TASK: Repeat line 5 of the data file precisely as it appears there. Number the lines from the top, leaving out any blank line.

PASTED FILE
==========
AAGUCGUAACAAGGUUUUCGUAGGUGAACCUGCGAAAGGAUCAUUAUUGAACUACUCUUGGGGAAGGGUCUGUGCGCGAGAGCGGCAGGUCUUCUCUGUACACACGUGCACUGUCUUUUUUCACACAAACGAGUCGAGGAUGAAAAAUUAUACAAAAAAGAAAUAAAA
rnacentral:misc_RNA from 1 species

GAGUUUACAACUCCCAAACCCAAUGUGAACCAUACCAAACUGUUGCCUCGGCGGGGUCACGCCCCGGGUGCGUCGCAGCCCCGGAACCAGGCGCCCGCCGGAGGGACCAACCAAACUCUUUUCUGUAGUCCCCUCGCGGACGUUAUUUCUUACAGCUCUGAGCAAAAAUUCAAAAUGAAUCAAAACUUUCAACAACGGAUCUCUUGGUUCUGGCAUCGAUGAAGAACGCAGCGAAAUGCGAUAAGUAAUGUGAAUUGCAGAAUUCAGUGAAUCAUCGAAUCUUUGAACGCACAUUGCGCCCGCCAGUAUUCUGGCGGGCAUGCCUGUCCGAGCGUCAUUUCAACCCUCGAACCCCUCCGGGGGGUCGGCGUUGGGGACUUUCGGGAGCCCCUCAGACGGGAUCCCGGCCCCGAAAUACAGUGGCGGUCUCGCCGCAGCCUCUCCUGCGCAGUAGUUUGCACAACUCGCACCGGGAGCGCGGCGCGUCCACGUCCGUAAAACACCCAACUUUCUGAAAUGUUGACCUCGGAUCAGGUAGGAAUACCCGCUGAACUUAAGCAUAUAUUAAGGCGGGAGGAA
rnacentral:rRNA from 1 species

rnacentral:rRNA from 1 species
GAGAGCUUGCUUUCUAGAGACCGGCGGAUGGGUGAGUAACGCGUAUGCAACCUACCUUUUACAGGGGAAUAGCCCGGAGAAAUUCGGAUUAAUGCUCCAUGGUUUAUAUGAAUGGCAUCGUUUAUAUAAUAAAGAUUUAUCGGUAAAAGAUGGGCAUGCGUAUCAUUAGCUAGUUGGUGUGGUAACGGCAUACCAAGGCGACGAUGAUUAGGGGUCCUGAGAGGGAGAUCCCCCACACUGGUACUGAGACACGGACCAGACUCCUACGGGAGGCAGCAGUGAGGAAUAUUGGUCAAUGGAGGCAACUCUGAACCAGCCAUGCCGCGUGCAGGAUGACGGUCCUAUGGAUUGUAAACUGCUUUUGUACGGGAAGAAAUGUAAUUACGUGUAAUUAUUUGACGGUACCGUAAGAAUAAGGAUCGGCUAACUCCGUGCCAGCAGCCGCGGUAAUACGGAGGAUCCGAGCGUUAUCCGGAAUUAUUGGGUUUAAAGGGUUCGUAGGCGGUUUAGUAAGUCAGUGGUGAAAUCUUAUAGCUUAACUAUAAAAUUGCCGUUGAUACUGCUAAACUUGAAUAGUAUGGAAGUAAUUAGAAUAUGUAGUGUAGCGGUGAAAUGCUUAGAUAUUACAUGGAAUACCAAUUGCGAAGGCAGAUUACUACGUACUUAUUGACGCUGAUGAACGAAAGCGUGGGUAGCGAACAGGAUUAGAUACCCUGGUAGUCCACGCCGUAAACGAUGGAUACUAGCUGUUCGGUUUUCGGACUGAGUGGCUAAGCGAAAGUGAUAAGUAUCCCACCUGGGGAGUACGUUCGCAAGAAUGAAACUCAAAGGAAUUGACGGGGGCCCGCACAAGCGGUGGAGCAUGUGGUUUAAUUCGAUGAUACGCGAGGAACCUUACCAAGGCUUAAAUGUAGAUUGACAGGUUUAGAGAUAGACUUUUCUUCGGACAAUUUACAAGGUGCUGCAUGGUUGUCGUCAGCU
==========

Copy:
rnacentral:rRNA from 1 species